Not Canon: Star Wars: The Force Awakens (with Video)

You can watch the video, instead of reading, here:

‘ben’ was on purpose

Opening Crawl:

It is a shitty time to be a Star Wars fan. In 2012, Disney purchased the beloved franchise, and has ben defecating on it ever since.

Fans rejoiced as Emperor BOB IGER gave up or something, and yet, Kathleen Kennedy INEXPLICABLY remains president of Lucasfilm.

Meanwhile, some guy on the internet, who apparently thinks a lot, ineffectively tries to free the fanbase of the sequels by claiming they are not canonical….

Once upon a time, a giant corporation wanted to make a quick buck. And by quick buck, I really mean ‘quick’ and ‘buck.’ Most of Disney’s revenue doesn’t come from its movies or its parks; not even its movies and parks combined. Most of Disney’s revenue comes from its TV programs. Only about 17% of the company’s money comes from movies, and when you account for all the movies Disney produces that are not Star Wars, such as its animated films, Marvel, Pixar, and not to mention its entire back catalog from its many decades producing content, without a doubt, a measly Star Wars trilogy doesn’t comparatively matter much to Disney… But still, the company is so money-hungry that they’ll rush a trilogy they openly admitted they didn’t plan for past the first installment, despite Star Wars being the biggest franchise of all time. All for a quick buck. 3 movies they didn’t care to plan ahead for, just for sliiiiightly more impressive quarterly reports.

At least George Lucas with the prequels tried. He tried to expand the universe, he tried to tell original stories. He wanted the prequels to ‘rhyme’ with the OT, but not outright mimics of it. He’s the creator, and for that reason, no matter how bad the prequels are, they are still canon. It also helps that George tried to expand the universe in the prequels, and tell original stories while still staying true to the spirit of the franchise.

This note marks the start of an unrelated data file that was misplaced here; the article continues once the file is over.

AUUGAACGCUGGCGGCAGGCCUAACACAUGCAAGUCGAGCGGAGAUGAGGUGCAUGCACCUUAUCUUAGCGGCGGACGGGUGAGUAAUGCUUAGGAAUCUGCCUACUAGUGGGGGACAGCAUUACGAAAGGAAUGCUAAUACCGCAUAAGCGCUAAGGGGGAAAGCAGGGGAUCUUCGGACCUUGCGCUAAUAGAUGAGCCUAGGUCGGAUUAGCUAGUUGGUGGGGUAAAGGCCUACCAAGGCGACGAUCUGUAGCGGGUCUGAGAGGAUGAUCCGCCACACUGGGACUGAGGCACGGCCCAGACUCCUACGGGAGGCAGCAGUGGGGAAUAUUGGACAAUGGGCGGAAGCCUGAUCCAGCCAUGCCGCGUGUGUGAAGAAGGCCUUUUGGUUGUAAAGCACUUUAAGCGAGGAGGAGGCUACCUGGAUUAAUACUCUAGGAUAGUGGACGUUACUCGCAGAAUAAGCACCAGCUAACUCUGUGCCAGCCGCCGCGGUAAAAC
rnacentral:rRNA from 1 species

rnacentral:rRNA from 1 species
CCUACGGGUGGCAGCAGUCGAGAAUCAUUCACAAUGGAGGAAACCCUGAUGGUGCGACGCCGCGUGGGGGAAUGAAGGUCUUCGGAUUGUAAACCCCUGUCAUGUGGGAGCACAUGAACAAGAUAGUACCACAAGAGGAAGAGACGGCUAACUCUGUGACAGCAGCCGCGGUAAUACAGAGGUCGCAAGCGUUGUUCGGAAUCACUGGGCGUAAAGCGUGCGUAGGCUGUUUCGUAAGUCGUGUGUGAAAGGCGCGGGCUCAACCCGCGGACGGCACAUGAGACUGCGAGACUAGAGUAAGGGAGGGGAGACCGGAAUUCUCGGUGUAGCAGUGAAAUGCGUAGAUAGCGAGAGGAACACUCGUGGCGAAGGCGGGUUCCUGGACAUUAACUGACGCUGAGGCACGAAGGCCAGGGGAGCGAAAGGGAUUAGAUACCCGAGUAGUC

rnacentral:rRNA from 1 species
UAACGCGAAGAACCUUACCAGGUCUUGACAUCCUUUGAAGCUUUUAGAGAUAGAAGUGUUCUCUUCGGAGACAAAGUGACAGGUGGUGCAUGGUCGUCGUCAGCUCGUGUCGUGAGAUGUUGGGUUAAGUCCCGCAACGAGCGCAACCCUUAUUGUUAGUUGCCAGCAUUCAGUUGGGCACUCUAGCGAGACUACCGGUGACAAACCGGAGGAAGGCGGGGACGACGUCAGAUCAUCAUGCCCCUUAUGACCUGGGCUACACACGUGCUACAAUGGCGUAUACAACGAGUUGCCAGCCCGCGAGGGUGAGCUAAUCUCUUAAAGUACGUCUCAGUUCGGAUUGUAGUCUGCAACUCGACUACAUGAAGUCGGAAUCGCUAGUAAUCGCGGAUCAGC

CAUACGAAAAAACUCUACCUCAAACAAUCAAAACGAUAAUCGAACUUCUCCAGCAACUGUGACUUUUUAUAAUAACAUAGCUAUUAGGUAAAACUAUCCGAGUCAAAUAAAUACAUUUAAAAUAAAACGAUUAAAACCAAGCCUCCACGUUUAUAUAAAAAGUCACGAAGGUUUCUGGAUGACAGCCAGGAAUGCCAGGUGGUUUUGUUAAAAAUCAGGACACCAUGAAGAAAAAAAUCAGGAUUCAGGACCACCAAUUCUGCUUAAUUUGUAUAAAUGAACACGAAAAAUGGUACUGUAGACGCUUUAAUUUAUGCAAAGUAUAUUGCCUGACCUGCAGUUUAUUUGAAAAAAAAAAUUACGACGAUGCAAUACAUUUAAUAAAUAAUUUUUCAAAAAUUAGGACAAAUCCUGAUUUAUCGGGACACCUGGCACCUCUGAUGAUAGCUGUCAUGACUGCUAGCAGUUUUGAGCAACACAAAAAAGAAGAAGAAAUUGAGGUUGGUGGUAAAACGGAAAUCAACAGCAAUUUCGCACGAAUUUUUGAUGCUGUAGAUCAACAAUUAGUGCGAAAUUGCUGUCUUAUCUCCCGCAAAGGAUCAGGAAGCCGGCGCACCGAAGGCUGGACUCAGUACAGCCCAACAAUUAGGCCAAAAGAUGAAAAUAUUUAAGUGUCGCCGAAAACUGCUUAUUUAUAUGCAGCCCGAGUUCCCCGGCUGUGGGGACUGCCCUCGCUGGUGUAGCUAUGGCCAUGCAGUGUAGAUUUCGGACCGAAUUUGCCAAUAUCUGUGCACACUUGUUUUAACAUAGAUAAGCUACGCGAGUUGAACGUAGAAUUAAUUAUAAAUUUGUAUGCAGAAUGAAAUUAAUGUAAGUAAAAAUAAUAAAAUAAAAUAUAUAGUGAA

The Star Wars sequels are not canon. As a fan, one cannot accept them as canon. Logically, one cannot accept them as canon. And if you think they are simply because the copyright holders say so, congratulations on having pathetically-low standards as a fan. Disney couldn’t possibly care less about the story, they just want your money. Since Disney 100% depends on Star Wars fans to profit from this intellectual property, we have more power than they will ever admit. (Why else is Disney ‘taking a break’ from releasing Star Wars movies for a few years, instead of going full-Marvel with 3 releases a year until the end of time? They know we’re pissed off.)

The sequels have a plot arc that is absurdly unrealistic even for a space fantasy like Star Wars. No one believes galaxy-shaping events would repeat themselves beat-for-beat, let alone a short 30 years later. Not to mention the contradictions the sequels have to what is firmly established in episodes 1-6, which make it damn near impossible for them to be canon. And as fans, we can’t allow such disrespect the sequels display for everything that came before them. Disney wants us to forget the past, killing it if we have to, while simultaneously being completely dependent on nostalgia and familiarity to make money off Star Wars.